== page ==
This is part 2 of a 2-part post that takes a comprehensive look at all of the factors that can lead to errors in a DC voltage measurement with a DMM and how to eliminate them so you can achieve the highest accuracy possible in your measurement. In part 2 we will cover the following topics: loading errors, power-line noise and injected current noise. If you are a seasoned DMM measurement veteran and you feel I missed something in the following sections, please add it as a comment.

** Loading Errors Due to Input Resistance** — Measurement loading errors occur when the resistance of the DUT is an appreciable percentage of the DMM’s own input resistance. The figure below shows this error source. To reduce the effects of loading errors, and to minimize noise pickup, see if your DMM allows you to set its input resistance to a higher value. For instance, using any of Keysight’s True

*volt*DMMs such as 34460/61/65/70A, input resistance can be set from 10 M to > 10 G for the 100 mVdc, 1 Vdc, and 10 Vdc ranges.

Ri should be much larger than Rs or loading error will be a factor in the measurement

** Power-Line Noise** — This type of noise is caused by the powerline voltage signal (50 Hz or 60 Hz) being coupled onto the measurement setup either from the DUT, the DMM, or both. This noise appears as an AC ripple summed on top of the DC level you are measuring. To eliminate this common noise source DMM designers use integrating or averaging measurement time settings that are integer multiples of the powerline noise's period. Remember if you integrate over a sine wave you get zero. This is typically called normal mode rejection or NMR. If you set the integration time to an integer value of the powerline cycles (PLCs) of the spurious input, these errors (and their harmonics) will average out to approximately zero. For instance, the Keysight True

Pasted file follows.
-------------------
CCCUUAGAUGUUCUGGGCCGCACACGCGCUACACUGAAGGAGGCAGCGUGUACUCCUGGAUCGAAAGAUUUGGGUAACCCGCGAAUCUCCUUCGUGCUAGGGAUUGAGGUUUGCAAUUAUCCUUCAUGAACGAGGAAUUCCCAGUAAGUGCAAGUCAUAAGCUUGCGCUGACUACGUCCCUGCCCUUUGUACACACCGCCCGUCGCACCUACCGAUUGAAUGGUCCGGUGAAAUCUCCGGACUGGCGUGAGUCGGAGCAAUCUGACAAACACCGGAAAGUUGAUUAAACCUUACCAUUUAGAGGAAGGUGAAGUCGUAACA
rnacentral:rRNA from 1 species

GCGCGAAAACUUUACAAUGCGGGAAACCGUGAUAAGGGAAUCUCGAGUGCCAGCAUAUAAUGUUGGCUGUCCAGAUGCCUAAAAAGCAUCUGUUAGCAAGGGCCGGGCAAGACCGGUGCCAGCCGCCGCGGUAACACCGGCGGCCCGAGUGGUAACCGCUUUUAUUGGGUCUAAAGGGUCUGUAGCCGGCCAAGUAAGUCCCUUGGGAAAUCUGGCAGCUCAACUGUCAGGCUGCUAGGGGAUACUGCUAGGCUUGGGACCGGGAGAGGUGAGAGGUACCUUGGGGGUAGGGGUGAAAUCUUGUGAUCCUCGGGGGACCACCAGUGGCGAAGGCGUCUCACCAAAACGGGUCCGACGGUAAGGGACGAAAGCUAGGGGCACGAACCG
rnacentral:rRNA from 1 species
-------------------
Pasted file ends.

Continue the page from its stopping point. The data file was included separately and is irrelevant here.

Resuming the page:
*volt*DMM provides three integration times to reject power-line frequency noise (and power-line frequency harmonics). When you apply power to the DMM, it measures the power-line frequency (50 Hz or 60 Hz), and then determines the proper integration time. The table below shows the noise rejection achieved with various configurations. For better resolution and increased noise rejection, select a longer integration time.

** Noise Caused by Injected Current** — Residual capacitances in the DMM’s power transformer cause small currents to flow from the LO terminal to earth ground. The frequency of the injected current is the power line frequency or possibly harmonics of the power line frequency. The injected current is dependent upon the power line configuration and frequency. With Connection A (see figure below), the injected current flows from the earth connection provided by the circuit to the LO terminal of the DMM, adding no noise to the measurement. However, with Connection B, the injected current flows through the resistor R, thereby adding noise to the measurement. With Connection B, larger values of R will worsen the problem.

The measurement noise caused by injected current can be significantly reduced by setting the integration time of the DMM to 1 power line cycle (PLC) or greater.

If you think I missed anything or if you have a question, please leave it in a comment

Click here to read part 1 of this 2-part post

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